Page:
I feel strongly that we all have to have some kind of faith in something—nature, the way we see God. There’s something about these dots that express that language to me. There’s something about that in the book. It’s about finding love in whatever storm, in whatever experience. You have to find your love language.

You write that “when I’m not busy being Sharon Stone, I’m rather shy.” What does “being Sharon Stone” mean to you?

When I got famous, [my publicist] Cindi [Berger] called me. We had to have a public persona, because I had to go out there and sell “Basic Instinct.” What Cindi knows about me that most people don’t is that I’m almost agoraphobic. In astrological conceits—and I don’t know if anybody else believes this baloney—I’m born in the week of the loner on the day of the loner, so I’m very introverted. It was a physical onslaught, what happened to me. I had the kind of fame where people chase you down the street, and stores have to lock the doors and hide you. People get on the top of your car until the car actually caves in, and they rip off the rearview mirrors and the license plates, and SWAT teams are called. So that will introvert a gal.

Also, I had a massive brain injury, so my brain seizes 24/7, but I take a drug to stop that. When I have a cold, or like now, I’m in late-stage menopause, my brain swells. I have a little bit of hearing loss in my right ear, and when I’m on a call with six people, the pressure on my brain makes me want to flip: “Everybody has to stop talking.” I can really lose it, and nobody has compassion for that, because they don’t know what the hell is happening to me.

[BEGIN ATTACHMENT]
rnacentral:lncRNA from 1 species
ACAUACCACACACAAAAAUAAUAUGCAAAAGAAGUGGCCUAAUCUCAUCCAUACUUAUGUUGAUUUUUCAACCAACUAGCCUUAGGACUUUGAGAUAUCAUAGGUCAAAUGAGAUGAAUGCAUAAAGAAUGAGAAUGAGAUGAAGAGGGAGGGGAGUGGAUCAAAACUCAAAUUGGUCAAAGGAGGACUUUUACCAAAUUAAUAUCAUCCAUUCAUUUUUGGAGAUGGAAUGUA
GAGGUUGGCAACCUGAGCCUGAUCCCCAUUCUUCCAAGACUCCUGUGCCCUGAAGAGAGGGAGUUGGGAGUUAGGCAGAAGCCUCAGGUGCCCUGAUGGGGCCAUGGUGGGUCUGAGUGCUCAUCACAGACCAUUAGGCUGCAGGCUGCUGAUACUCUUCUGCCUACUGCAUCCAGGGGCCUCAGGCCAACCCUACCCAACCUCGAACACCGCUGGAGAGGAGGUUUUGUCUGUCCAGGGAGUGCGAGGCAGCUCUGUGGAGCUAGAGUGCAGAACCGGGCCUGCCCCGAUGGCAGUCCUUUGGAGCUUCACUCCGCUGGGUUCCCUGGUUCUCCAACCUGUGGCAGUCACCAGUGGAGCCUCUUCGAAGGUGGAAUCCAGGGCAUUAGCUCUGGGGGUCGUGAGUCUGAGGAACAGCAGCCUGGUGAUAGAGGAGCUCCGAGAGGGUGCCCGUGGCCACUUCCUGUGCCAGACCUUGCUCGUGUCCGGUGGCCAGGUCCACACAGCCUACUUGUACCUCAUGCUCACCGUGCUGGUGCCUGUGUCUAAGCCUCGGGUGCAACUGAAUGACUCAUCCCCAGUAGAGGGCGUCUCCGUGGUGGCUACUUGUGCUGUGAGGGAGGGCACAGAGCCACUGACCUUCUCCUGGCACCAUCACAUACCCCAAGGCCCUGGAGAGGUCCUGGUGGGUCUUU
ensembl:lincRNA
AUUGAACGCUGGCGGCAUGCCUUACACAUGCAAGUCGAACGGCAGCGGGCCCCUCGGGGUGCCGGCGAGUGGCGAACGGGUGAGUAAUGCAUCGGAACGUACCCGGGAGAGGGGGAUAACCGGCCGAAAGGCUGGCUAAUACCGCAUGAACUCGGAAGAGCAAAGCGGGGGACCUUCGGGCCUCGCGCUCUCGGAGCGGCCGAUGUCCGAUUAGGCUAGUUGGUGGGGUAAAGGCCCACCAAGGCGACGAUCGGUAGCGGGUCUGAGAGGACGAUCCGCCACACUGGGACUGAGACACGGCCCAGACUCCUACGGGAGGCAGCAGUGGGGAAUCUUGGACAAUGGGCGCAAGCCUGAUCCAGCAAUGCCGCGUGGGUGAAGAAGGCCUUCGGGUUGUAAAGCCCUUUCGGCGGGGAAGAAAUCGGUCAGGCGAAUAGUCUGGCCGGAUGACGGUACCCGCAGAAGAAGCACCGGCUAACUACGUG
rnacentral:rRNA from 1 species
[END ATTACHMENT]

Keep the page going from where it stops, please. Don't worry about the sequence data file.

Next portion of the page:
When you had the stroke, your right vertebral artery tore, and you write that you had a one-per-cent chance of survival. How did you think about your own mortality?

I didn’t know until I got home and read People magazine that I had to wait thirty days to see if I was even going to live. Nobody was communicating with me. Even twenty years ago, women’s rights were so much less than they are now, and nobody was listening to me, which is why I still scream to be heard. I still fight with doctors, because I panic when people don’t listen to me. It was very traumatic to be in this situation where you put your teacup down and you don’t know where you put it, you don’t know people that are coming and going, and you’re fighting to stay alive. You know, I think disease is dis-ease, and these things happen usually when you’re strung out or stressed out, or when things aren’t going great.

After the stroke, you write about your former self, “I don’t miss her; it’s like a person I knew very intimately, but not me.” How were you changed?

I think about it scientifically. I bled so much into my subarachnoid space that my brain was literally shoved into the front of my face. The right side of my face fell from the pressure. I feel almost like my DNA shifted. I was a sort of curvaceous, full kind of person, and I lost eighteen per cent of my body mass. I never liked curry, and then it became one of my favorite things. Food I really liked I became allergic to, medicines I became allergic to, all kinds of things changed. I had this feeling of calm, even though everything was going wrong. It was a strange feeling of being protected: if I was living, I was living for a reason.